One year ago, Australia appeared to be on the cusp of breaking into a new and exciting political era, with women at the frontline. The nation’s first female prime minister, Julia Gillard, whose inner ministry featured six diverse women, led the Federal Government. It was a fresh, contemporary line up, perhaps a glimpse, many hoped, of a new trajectory for Australian politics and women’s civic involvement. Fast-forward to today and a very different image emerges: the current Government under Tony Abbott has a deeply regressive attitude towards gender equity in politics. Upon forming Government, Abbott elected one woman to his 19-person ministry and curiously awarded himself the role of Minister for Women. When time to replace the nation’s first female Governor General, Quentin Bryce, he did so with the former Australian Defence Force chief, Peter Cosgrove.
When Abbott ascended to power he informed the electorate that “the adults are back in charge.” And by adults, he meant white, conservative, middle-aged men. If the key measure of women’s empowerment in society is their participation in politics, then Australia at present has taken a patriarchal turn for the worse.
It is not just the halls of Parliament House that are dominated by men. Abbott has established a plethora of advisory groups to conduct independent reviews, which are dominated by white, conservative, middle-aged men. The National Commission of Audit is being overseen by Tony Shepherd, who is, you guessed it – old, conservative and white. A national curriculum review is underway and is chaired by fellow old, white male, Kevin Donnelly, a former Liberal party staffer whose conservative agenda was revealed when he expressed concerns that the ABC’s Play School was attempting “to normalise what many parents would consider unnatural behaviour” by “promoting the lesbian lifestyle.” Similarly, Maurice Newman, also old and white, heads the Business Advisory Council while climate change sceptic Dick Warburton is overseeing the Renewable Energy Target.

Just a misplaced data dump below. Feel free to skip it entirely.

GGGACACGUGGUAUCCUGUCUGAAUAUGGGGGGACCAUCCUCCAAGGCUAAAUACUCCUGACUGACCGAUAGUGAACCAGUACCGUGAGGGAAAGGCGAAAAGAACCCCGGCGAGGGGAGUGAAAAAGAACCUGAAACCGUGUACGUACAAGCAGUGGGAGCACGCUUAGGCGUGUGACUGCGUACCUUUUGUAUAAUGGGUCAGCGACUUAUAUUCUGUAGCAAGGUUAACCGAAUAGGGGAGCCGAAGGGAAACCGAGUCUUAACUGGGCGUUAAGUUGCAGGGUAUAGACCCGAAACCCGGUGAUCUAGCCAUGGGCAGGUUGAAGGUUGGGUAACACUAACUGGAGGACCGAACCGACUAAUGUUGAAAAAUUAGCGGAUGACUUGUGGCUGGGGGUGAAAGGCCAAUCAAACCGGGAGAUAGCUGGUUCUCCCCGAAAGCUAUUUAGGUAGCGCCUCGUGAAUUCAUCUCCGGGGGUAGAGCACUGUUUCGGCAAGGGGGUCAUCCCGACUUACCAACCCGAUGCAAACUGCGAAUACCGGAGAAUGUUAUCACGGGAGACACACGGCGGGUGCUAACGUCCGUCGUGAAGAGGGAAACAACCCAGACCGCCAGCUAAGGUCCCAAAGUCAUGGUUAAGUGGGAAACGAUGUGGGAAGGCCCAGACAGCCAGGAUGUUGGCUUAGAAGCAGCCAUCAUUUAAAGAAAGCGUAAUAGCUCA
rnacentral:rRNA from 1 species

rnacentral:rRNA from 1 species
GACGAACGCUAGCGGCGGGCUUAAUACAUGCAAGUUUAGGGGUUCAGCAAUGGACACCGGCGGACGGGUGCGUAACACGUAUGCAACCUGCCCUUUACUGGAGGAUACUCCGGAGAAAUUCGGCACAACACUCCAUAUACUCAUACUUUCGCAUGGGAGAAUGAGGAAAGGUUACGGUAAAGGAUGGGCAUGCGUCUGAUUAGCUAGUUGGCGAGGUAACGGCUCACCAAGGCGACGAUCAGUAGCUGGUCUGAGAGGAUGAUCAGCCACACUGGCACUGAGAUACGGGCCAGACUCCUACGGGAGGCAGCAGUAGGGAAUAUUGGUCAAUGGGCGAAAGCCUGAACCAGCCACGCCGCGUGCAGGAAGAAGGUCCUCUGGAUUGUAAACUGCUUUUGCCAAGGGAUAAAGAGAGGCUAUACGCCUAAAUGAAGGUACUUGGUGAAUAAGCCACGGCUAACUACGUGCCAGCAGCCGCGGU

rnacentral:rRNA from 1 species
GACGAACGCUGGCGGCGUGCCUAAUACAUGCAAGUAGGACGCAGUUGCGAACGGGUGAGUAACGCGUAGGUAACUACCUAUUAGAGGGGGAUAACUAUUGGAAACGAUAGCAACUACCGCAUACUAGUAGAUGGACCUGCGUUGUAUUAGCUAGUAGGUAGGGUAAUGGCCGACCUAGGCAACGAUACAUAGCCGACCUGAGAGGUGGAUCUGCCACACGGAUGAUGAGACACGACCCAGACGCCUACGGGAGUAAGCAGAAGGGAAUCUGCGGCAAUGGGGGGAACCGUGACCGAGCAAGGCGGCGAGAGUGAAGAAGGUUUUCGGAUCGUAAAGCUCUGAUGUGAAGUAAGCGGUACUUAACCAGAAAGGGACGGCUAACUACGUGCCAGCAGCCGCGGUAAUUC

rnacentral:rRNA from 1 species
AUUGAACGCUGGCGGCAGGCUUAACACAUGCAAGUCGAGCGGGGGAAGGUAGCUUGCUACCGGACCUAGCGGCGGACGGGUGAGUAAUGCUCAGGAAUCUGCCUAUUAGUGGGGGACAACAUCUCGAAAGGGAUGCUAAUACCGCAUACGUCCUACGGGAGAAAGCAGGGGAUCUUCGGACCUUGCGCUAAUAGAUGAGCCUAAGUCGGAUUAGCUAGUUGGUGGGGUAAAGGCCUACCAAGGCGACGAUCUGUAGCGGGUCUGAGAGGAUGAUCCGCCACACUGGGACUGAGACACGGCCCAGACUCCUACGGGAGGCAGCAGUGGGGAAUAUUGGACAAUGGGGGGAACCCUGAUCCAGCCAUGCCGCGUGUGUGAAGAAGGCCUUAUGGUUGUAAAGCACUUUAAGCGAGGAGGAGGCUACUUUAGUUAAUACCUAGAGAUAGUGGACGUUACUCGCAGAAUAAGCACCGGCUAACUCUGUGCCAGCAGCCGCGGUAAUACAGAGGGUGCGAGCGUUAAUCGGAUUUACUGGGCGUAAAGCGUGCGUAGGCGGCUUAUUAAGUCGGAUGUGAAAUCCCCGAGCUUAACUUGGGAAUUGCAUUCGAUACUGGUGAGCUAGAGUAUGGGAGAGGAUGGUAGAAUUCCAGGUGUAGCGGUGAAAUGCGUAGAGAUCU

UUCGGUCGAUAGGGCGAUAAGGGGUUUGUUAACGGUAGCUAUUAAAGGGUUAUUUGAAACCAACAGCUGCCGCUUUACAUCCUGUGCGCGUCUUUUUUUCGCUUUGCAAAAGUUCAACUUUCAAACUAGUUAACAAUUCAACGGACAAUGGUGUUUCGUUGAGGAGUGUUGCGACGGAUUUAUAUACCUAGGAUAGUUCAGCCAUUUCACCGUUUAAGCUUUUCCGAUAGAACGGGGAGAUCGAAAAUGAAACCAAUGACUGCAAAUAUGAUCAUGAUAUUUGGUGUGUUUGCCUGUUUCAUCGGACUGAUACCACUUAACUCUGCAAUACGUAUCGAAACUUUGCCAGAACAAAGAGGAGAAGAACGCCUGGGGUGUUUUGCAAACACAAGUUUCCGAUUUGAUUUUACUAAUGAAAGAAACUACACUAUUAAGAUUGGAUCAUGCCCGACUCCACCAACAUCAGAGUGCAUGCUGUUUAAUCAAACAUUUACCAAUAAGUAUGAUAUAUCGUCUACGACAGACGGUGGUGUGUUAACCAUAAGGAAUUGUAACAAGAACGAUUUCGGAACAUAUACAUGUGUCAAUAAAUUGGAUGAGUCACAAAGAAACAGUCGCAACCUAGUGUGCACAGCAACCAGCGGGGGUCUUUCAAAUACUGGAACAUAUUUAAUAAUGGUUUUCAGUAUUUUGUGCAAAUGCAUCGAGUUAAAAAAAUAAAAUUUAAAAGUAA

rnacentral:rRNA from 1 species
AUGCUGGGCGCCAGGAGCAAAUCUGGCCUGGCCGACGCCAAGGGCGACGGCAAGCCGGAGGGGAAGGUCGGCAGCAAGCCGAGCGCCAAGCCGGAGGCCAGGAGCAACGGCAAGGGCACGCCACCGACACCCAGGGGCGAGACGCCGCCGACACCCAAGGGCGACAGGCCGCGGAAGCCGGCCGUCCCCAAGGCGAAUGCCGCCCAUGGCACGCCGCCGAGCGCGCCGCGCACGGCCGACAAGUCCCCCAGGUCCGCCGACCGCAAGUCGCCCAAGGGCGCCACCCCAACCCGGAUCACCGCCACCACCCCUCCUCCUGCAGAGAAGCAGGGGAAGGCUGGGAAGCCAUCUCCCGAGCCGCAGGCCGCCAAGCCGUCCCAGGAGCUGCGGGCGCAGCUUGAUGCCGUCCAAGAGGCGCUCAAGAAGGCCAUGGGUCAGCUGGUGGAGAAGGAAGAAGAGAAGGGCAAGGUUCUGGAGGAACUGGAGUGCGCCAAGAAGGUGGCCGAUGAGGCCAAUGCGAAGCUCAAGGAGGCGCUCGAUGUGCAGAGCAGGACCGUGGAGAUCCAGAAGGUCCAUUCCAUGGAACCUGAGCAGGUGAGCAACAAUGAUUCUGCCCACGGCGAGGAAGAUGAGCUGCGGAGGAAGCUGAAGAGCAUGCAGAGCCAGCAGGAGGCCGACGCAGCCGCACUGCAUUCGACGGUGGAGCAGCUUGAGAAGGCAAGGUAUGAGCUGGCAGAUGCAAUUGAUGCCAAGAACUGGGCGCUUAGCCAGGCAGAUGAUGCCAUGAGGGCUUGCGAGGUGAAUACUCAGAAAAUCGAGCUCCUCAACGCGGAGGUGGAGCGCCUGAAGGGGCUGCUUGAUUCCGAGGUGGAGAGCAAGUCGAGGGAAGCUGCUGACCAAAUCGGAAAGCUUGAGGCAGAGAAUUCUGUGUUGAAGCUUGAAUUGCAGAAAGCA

Not surprisingly, the policy discourse in Australia is dominated by the vested interests of white, middle-aged, conservative men, who are now effectively making decisions that influence women’s lives. This paired with the Prime Minister’s astonishing track record of sexist comments, is a troubling prospect indeed. The lack of women’s knowledge and insight in leadership, advisory and decision making roles means that the nuanced and differentiated interests of 50 per cent of the population now run the risk of being overlooked.
The recent budget announcements illustrate perfectly the disproportionate negative influence policy can have on women. For the first time since 1984, the budget will not encompass a Women’s Budget Statement, which was established as an equity instrument to identify initiatives for women. As a result, single, low-income earning and unemployed women with children are set to bear the burden of the proposed budgetary cuts to welfare and the introduction of a GP co-payment. University fee deregulation and the increase in interest paid on HECS debts too will unduly hit women the hardest; women not only continue to earn 17.5 per cent less than their male colleagues, but also over their careers, take time off to raise families, which will cause their HECS loans to skyrocket. A report by the National Tertiary Education Union found that the proposals to higher education have “a built-in bias against graduates with carer responsibilities, which will mainly be women.”
Given these dire prospects, an obvious solution often floated by commentators is the introduction of gender quotas to ensure that women are equally represented in all levels of Government. At present, the Australian Labor Party (ALP) has an affirmative action policy in place that requires women to contest 40 per cent of winnable seats; the Liberal party, on the other hand, has no requirements regarding the number of women who contest seats at a federal election and relies on a ‘merit-based’ selection procedure. This process overlooks the systemic institutional barriers and ingrained gender discrimination women face when attempting to participate in public life.
Interestingly, equal gender representation in politics does not necessarily produce a more democratic and inclusive system that eradicates sex-based discrimination. The mere presence of women in parliament does not always result in the production of a feminist policy discourse; in fact the opposite can transpire when women who are anti-feminist assume leadership roles and actively work to maintain the patriarchal status quo. The federal Assistant Minister for Women, Senator Cash, is a case in point, and recently sought to play down the relevance of feminism, claiming the movement to be a “set of ideologies from many, many decades ago now.”
All of which highlights just how important feminism still is today. As a society, we have a long way to go in order to maximise women’s involvement in all areas of life. Increasing the number of women in parliament will not alone enhance gender equality; what is required is a seismic shift in the way gender is constructed, taught and performed so that women are truly valued as equal members of our society.
Words by Alexandra Cashion